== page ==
When I was asked to pick which Alessi pieces I would like to work with, I faced an overwhelming catalog of riches to choose from. Alessi has over 90 years of history and has objects in every size, in a myriad of materials from steel to porcelain. Although I would have loved to try my hand at some of their most iconic pieces, I focused on some more unique pieces that both reflected the summer theme and also spoke to my personal sensibility.
One of the newest pieces from the Spring/Summer collection that immediately struck me and lingered in my memory was the evocative Quattro muri e due case, which means "four walls and two houses" in Italian. I was struck by the poetry of the name and in the physical object, a sensuous piece of bamboo formed into a tray that indeed looks like a four-walled courtyard with two houses at either end acting as both gateways into the interior space and as handles for the tray.
It's a beautiful, thoughtful piece that immediately makes me think of the rolling hills of Tuscany with little farms nestled perfectly, picturesquely within their folds. Alessi describes this piece as "a little rustic, a little frugal, a little agricultural, and a little rural." The artist himself, Michele de Lucchi, a well known Italian architect and designer, has stated that, "Landscape has become a very poetic condition and something we’re increasingly worried about damaging. In Italy we destroyed a lot of our wonderful landscapes. So one message of the tray is to present a human being living in the world without fighting against the natural landscape."
While knowing the backstory to this tray has certainly enhanced my appreciation of it, I already knew it spoke to me from first glance. It just makes me happy when I look at it, and I want to use it to display everything I make. It's like a little piece of la dolce vita in my home.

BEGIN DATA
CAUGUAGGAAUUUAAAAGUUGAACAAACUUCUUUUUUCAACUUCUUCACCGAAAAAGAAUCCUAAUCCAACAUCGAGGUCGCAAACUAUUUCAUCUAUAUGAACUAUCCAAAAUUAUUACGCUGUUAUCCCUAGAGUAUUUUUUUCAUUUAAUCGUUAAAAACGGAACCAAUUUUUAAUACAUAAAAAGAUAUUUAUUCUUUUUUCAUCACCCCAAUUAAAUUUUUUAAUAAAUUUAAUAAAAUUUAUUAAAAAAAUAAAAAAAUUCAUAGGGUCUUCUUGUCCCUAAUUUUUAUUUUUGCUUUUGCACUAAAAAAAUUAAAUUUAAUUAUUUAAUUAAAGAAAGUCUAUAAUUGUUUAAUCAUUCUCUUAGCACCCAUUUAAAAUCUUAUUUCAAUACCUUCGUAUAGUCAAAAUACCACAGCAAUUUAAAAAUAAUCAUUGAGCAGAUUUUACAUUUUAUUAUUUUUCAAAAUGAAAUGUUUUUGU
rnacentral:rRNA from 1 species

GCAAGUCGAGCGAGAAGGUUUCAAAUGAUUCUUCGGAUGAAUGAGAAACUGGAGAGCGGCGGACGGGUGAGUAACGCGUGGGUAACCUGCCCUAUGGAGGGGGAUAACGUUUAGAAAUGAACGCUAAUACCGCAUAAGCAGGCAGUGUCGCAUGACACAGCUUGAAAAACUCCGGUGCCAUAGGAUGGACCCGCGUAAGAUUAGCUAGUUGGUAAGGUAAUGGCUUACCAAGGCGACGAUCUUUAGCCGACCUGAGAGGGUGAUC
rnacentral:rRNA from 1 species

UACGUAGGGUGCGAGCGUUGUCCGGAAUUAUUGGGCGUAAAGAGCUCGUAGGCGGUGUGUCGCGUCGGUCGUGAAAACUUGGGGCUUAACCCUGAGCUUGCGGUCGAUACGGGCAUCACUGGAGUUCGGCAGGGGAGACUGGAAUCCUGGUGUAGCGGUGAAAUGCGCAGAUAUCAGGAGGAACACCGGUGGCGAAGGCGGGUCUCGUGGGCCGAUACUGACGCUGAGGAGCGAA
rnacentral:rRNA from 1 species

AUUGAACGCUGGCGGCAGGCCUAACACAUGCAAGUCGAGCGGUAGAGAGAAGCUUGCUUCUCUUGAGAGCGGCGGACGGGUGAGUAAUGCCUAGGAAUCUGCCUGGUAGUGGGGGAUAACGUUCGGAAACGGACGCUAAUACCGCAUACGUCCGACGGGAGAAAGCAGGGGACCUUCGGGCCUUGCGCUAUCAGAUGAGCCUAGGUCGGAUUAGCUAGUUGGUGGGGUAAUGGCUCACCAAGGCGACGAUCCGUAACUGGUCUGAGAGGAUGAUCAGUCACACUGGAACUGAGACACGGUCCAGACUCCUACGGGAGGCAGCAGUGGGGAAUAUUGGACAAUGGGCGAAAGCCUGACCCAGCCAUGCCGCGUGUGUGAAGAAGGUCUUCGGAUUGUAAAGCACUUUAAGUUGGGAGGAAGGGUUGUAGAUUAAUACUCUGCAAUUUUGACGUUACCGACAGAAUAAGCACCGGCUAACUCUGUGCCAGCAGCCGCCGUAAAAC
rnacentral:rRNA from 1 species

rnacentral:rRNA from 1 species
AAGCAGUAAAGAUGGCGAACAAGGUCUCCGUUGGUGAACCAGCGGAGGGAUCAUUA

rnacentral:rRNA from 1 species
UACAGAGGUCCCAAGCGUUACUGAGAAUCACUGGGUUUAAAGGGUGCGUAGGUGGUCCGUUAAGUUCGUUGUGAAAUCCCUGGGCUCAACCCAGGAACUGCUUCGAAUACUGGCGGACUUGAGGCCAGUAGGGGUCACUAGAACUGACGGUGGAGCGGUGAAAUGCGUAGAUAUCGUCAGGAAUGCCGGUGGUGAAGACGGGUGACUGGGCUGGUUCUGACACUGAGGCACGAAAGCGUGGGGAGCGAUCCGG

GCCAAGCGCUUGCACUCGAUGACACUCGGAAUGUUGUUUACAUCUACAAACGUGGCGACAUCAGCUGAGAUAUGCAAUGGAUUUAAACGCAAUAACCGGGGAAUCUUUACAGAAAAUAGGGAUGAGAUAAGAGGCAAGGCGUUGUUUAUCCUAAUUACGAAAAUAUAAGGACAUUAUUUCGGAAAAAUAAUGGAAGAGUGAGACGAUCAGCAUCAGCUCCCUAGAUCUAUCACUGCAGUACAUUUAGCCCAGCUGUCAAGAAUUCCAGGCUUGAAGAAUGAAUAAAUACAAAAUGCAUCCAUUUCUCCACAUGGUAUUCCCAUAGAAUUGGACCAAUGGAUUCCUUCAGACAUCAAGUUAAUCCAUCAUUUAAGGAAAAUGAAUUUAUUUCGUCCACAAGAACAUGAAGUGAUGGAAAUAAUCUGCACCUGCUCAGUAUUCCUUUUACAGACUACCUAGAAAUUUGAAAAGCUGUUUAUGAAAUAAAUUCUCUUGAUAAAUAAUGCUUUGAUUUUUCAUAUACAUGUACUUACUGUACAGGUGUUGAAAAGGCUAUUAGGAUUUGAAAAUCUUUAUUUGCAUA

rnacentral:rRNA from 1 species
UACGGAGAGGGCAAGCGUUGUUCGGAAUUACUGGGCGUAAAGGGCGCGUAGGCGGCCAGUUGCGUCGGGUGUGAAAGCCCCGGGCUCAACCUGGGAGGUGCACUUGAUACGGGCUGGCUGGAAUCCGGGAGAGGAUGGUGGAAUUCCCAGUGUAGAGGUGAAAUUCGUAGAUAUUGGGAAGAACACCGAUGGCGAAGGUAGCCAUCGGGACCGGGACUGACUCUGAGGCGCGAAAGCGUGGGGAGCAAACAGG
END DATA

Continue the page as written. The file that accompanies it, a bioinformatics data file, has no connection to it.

For this lovely piece, I chose a recipe that I felt could best reflect its message of a simple, unaffected connection with the land. This olive oil cake is scented with citrus, and paired with peaches roasted with honey, almonds and Vin santo- all part of Tuscany's bounty. I imagine this is the sort of unassuming cake you might find served at one of these farmhouses.
You can use any olive oil you like - using extra virgin or a more robustly flavored olive oil will give the cake a more pronounced olive oil flavor, but whatever you use you will get a wonderfully moist cake with a dense, tender crumb. It is delectable on its own or dressed up with the peaches. The sugar and honey help bring out the sweetness of the peaches, and I always love the combination of almonds with peaches. Vin santo is the classic dessert wine of Tuscany - if you can't find any, a white wine will do. I used a mix of white and yellow peaches for the color contrast, although you can also use any ripe fruit, like cherries or apricots. It's a cake made for golden afternoons.
Some of the other pieces in these photos are the Caccia cake server, the very clever Taste-huile olive oil taster (shaped like an olive), and plates from the Tonale collection. Working with such beautiful pieces has certainly been inspiring!
Olive Oil Cake
- 1 1/2 cups (188 g) all-purpose flour
- 1 teaspoon baking soda
- 1 teaspoon baking powder
- 1/2 teaspoon salt
- 3 large eggs, room temperature
- 1 cup (200 g) sugar
- 3/4 cup (162 g) olive oil
- 1/2 cup (122 g) whole milk
- 1/2 teaspoon orange extract
- 1/2 teaspoon vanilla extract
- confectioners' sugar for dusting
- 2-3 ripe peaches
- 3 tablespoons (38 g) granulated sugar
- 1/2 cup (170 g) honey
- 1/4 cup (60 g) Amaretto
- 1/4 cup (60 g) Vin Santo
- 2 teaspoons lemon juice
For the cake:
- Preheat oven to 350 degrees F. Grease a 9" round cake pan and set aside.
- Combine flour, baking soda, baking powder, and salt in a medium bowl.
- Combine eggs and sugar in bowl of a stand mixer. Beat on medium speed until combined.
- Add in olive oil and beat until combined. Add in milk and orange and vanilla extracts, and beat until combined.
- Add in the flour mixture and beat just until combined (do not overbeat). Pour batter into prepared pan and bake for 35-45 minutes until a toothpick or cake tester comes out clean.
- Let cake cool on wire rack before unfolding. Dust with confectioners' sugar before serving.
For the peaches:
- Preheat oven to 375 degrees F. Wash peaches and slice in half. Cut each half into 1/4" thick slices.
- Place peaches in a baking dish. Sprinkle the sugar over them.
- Combine honey, Amaretto, Vin Santo, and lemon juice and pour over the peaches - it should almost cover them.
- Bake for about 35 minutes until the juices are bubbling and the peaches are fork-tender.
- Let peaches cool completely before serving.